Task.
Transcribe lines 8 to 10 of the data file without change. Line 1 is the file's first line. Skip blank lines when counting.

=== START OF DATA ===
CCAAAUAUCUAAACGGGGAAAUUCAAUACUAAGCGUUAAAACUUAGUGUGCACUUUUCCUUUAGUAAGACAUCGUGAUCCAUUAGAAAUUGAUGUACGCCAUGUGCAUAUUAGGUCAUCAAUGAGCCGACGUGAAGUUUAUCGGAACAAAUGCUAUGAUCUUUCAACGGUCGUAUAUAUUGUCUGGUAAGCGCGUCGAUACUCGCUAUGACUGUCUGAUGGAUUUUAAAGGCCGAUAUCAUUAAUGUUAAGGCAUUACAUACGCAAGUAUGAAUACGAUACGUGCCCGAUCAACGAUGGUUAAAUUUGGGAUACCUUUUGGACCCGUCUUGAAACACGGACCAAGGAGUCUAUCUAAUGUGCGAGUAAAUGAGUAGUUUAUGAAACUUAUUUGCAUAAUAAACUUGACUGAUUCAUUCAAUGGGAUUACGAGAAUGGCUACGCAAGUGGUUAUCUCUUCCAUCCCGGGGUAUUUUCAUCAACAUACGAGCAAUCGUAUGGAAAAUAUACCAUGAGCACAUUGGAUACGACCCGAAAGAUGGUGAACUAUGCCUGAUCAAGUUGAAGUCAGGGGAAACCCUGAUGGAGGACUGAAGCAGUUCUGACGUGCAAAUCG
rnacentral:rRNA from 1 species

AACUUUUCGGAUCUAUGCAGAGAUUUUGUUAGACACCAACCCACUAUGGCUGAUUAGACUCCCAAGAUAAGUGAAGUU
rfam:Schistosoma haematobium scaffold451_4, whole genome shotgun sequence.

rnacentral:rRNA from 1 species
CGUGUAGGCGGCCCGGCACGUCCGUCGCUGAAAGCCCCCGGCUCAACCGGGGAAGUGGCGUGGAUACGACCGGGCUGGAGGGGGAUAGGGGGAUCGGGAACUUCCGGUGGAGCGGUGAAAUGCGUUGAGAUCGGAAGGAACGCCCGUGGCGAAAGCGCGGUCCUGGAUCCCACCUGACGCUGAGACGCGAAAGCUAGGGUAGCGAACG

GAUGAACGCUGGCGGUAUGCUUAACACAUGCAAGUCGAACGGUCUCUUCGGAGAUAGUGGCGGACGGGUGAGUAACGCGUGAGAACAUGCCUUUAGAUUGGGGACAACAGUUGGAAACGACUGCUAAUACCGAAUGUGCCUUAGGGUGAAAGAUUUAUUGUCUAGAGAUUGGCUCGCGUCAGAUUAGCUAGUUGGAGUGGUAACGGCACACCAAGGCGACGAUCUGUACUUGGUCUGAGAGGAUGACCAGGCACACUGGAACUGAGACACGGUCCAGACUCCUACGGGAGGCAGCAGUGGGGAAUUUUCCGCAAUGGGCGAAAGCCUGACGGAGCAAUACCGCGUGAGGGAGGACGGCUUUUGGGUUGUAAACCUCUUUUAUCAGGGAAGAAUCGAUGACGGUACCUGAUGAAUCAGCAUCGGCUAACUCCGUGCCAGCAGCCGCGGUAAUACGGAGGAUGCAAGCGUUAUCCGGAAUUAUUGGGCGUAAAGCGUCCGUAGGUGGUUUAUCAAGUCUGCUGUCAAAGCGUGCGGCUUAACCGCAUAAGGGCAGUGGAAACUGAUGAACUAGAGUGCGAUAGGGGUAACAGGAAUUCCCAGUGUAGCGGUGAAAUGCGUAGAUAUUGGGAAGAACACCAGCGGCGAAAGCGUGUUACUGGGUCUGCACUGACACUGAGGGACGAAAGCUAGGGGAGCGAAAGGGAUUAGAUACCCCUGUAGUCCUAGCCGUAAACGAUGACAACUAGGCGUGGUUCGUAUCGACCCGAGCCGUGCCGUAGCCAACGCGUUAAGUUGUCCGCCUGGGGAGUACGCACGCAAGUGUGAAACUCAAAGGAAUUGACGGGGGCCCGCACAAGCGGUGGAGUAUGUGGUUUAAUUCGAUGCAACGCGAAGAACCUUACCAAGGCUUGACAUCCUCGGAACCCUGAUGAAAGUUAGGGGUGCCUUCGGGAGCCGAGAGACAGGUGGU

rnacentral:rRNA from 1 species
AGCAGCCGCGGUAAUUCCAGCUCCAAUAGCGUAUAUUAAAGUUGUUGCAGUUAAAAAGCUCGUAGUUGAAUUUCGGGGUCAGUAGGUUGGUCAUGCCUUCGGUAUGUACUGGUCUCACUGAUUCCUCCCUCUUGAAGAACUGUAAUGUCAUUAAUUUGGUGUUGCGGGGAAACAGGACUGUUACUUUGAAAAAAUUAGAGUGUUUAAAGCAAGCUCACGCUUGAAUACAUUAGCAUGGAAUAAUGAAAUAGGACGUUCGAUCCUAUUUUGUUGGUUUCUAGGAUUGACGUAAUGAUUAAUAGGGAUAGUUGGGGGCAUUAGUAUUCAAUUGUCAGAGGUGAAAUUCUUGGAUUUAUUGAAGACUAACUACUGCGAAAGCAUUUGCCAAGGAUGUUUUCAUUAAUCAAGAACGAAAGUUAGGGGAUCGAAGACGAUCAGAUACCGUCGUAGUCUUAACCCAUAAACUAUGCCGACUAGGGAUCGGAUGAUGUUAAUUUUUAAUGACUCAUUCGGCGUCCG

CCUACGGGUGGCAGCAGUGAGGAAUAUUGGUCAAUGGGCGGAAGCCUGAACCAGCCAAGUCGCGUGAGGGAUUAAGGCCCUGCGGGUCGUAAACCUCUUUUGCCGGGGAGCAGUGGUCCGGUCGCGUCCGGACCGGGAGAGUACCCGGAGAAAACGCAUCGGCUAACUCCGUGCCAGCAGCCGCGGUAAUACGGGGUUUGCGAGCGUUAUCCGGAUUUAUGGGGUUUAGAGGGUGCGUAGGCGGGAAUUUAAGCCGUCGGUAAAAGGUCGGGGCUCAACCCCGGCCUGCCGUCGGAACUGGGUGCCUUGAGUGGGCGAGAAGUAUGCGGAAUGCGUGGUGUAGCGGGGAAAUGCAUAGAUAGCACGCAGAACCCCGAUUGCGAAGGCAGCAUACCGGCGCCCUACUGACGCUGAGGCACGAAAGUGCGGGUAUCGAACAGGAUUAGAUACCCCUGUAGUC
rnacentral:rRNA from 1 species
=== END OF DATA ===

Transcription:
rnacentral:rRNA from 1 species
AGCAGCCGCGGUAAUUCCAGCUCCAAUAGCGUAUAUUAAAGUUGUUGCAGUUAAAAAGCUCGUAGUUGAAUUUCGGGGUCAGUAGGUUGGUCAUGCCUUCGGUAUGUACUGGUCUCACUGAUUCCUCCCUCUUGAAGAACUGUAAUGUCAUUAAUUUGGUGUUGCGGGGAAACAGGACUGUUACUUUGAAAAAAUUAGAGUGUUUAAAGCAAGCUCACGCUUGAAUACAUUAGCAUGGAAUAAUGAAAUAGGACGUUCGAUCCUAUUUUGUUGGUUUCUAGGAUUGACGUAAUGAUUAAUAGGGAUAGUUGGGGGCAUUAGUAUUCAAUUGUCAGAGGUGAAAUUCUUGGAUUUAUUGAAGACUAACUACUGCGAAAGCAUUUGCCAAGGAUGUUUUCAUUAAUCAAGAACGAAAGUUAGGGGAUCGAAGACGAUCAGAUACCGUCGUAGUCUUAACCCAUAAACUAUGCCGACUAGGGAUCGGAUGAUGUUAAUUUUUAAUGACUCAUUCGGCGUCCG

CCUACGGGUGGCAGCAGUGAGGAAUAUUGGUCAAUGGGCGGAAGCCUGAACCAGCCAAGUCGCGUGAGGGAUUAAGGCCCUGCGGGUCGUAAACCUCUUUUGCCGGGGAGCAGUGGUCCGGUCGCGUCCGGACCGGGAGAGUACCCGGAGAAAACGCAUCGGCUAACUCCGUGCCAGCAGCCGCGGUAAUACGGGGUUUGCGAGCGUUAUCCGGAUUUAUGGGGUUUAGAGGGUGCGUAGGCGGGAAUUUAAGCCGUCGGUAAAAGGUCGGGGCUCAACCCCGGCCUGCCGUCGGAACUGGGUGCCUUGAGUGGGCGAGAAGUAUGCGGAAUGCGUGGUGUAGCGGGGAAAUGCAUAGAUAGCACGCAGAACCCCGAUUGCGAAGGCAGCAUACCGGCGCCCUACUGACGCUGAGGCACGAAAGUGCGGGUAUCGAACAGGAUUAGAUACCCCUGUAGUC